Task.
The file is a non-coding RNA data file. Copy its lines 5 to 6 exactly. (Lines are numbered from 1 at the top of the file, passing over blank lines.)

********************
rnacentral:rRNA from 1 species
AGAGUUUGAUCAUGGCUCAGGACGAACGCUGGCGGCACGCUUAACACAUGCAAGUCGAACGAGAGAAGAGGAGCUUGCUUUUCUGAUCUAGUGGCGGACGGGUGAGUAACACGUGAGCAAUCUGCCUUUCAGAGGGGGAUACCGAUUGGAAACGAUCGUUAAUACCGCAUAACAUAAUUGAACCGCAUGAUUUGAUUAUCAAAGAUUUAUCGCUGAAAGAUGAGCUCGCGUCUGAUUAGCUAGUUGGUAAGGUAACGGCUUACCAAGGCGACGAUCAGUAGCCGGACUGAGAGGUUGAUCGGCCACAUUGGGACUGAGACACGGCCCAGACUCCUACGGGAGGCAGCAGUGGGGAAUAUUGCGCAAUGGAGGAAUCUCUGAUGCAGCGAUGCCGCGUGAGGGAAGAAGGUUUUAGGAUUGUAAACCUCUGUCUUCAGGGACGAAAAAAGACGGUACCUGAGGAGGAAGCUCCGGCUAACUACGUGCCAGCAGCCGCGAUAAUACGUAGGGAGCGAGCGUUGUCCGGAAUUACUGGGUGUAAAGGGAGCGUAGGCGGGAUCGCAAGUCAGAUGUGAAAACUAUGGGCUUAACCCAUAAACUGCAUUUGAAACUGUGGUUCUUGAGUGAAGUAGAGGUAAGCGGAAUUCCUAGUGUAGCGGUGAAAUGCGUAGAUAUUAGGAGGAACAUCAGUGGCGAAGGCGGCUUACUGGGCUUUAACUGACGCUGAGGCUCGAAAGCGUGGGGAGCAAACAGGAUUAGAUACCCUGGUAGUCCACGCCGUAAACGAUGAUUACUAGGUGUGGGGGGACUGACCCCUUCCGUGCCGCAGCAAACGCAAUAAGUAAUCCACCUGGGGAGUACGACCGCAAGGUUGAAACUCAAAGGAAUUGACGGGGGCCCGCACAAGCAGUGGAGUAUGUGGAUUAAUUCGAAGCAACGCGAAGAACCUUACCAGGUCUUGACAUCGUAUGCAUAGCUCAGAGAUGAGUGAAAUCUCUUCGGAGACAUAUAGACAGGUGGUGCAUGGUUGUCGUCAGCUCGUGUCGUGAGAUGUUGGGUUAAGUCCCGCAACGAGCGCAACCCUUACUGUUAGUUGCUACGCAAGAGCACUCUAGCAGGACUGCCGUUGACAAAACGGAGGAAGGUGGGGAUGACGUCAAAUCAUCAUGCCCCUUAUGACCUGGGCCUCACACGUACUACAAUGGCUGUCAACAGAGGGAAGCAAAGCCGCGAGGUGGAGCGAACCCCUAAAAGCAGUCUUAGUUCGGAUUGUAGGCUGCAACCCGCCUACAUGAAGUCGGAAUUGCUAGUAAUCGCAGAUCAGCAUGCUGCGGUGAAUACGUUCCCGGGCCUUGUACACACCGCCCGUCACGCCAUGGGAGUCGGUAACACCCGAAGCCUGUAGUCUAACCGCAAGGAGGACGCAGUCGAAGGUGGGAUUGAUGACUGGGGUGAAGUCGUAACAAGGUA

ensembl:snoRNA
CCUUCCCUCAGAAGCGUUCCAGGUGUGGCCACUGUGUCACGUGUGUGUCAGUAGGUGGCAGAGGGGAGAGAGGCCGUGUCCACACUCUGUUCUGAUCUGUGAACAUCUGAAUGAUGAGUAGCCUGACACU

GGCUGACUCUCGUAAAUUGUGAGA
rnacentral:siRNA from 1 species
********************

GGCUGACUCUCGUAAAUUGUGAGA
rnacentral:siRNA from 1 species